Pakistan stopped the Samjhauta Express at the Wagah border on Thursday (August 8), citing security concerns, following which an Indian crew and guard escorted the train to Attari on the Indian side, officials said.
Hundreds of passengers from both sides of the border were stuck for several hours waiting for security clearances to be completed following the disruption in the train service that connects Delhi and Lahore. After several hours of waiting, the Samjhauta Express headed for Lahore departed from Attari at 6:41 p.m. with 103 passengers, including 10 Pakistanis, railway officials said.
The train that arrived in Attari, escorted by Indian crew members, had 117 passengers, including 48 Pakistanis, on board, they said. From Attari, the train left around 8 pm and is expected to reach Delhi at 3:30 am on Friday, officials said.
A day after Islamabad downgraded diplomatic ties with New Delhi, Pakistan’s Federal Railways Minister Sheikh Rashid Ahmed told the media in Islamabad that Pakistan has closed the Samjhauta Express train service with India. However, railway officials here said that the train has not been suspended.
“The train has not been suspended. It will run. Pakistan authorities have raised some concerns with regards to security for crew and guard of the Samjhauta Express. We have told them the situation is normal on this side,” Northern Railway spokesperson Deepak Kumar said. “Our engine with our crew and guard escorted the train to Attari at 5:15 pm,” he added.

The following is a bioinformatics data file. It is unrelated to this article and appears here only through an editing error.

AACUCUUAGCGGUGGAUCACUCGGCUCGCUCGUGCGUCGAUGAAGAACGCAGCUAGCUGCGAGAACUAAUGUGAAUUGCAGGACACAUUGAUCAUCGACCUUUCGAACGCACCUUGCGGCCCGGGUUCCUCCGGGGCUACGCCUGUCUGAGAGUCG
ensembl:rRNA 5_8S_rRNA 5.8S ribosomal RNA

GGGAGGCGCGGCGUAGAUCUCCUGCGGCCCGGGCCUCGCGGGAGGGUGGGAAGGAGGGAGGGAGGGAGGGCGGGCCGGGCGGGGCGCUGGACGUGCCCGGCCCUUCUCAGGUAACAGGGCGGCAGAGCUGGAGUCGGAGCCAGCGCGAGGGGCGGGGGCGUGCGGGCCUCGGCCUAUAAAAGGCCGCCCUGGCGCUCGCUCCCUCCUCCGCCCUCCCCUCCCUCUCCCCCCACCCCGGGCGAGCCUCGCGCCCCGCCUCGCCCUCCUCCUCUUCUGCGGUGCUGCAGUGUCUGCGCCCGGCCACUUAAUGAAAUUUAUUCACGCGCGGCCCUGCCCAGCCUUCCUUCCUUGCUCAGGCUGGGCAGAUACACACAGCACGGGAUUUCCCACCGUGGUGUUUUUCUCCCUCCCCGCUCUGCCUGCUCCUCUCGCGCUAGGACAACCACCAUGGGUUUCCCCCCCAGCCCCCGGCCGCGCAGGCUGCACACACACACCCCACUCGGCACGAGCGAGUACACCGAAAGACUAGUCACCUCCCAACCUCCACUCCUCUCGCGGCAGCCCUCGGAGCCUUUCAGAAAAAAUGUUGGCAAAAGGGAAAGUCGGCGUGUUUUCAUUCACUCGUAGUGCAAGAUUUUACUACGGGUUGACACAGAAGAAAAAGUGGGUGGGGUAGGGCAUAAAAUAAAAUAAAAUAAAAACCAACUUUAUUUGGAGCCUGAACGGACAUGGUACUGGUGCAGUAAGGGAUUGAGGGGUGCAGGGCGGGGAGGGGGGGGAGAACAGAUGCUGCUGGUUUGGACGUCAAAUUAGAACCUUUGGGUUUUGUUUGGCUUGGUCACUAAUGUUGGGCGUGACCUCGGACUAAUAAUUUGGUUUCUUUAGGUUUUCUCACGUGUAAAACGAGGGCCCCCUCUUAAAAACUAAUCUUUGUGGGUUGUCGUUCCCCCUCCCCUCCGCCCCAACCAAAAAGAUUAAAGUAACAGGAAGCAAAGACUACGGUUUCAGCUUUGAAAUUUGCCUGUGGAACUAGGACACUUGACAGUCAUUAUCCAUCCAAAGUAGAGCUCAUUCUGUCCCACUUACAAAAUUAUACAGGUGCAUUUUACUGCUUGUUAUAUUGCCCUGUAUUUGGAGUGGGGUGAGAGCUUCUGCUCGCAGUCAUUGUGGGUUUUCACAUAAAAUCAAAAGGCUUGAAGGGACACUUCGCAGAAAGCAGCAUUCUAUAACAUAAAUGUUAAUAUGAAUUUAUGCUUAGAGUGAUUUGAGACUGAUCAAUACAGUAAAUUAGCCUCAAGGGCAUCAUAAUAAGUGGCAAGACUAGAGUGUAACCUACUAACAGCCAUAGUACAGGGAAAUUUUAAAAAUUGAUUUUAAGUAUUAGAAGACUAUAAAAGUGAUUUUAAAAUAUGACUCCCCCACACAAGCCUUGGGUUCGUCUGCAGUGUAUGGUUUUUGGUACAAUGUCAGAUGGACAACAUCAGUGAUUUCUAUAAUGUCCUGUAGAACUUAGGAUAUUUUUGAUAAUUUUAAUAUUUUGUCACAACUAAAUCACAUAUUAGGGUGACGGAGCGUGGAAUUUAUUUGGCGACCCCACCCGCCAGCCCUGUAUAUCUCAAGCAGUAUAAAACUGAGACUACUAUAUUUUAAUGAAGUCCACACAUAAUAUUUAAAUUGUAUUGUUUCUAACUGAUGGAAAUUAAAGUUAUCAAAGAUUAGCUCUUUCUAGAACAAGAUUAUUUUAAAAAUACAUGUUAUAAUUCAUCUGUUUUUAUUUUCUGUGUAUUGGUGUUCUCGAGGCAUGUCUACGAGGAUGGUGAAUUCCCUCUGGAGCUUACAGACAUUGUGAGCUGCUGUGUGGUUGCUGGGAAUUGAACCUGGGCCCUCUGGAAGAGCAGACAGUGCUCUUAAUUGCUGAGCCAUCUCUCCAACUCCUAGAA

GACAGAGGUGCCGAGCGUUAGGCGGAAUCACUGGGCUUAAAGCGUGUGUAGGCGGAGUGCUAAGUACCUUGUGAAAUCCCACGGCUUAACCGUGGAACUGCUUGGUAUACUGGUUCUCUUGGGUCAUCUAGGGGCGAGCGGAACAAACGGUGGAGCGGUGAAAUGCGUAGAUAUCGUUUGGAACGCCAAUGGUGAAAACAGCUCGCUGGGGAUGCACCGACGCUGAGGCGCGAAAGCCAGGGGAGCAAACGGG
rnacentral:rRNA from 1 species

Explaining the procedure, Kumar said the Samjhauta Express from both Lahore and Delhi halt at Attari. At Attari, Delhi-bound passengers coming from Lahore get on to an Indian train. Lahore-bound passengers board the Pakistani train that retraces its steps back to Wagah and then on to Lahore.
In the Attari-Lahore run, the rakes change every six months – six months with Indian coaches and six months with Pakistani coaches, the Railways said. On Thursday, the Samjhauta Express from Lahore did not reach Attari, but remained at Wagah on the Pakistan side.
The Samjhauta Express, named after the Hindi word for “agreement”, comprises six sleeper coaches and an AC 3-tier coach. The train service was started on July 22, 1976 under the Simla Agreement that settled the 1971 war between the two nations.
Pakistani authorities briefly suspended the train service on February 28 this year following tense bilateral ties in the aftermath of the Pulwama terror attack in which 40 CRPF soldiers were killed.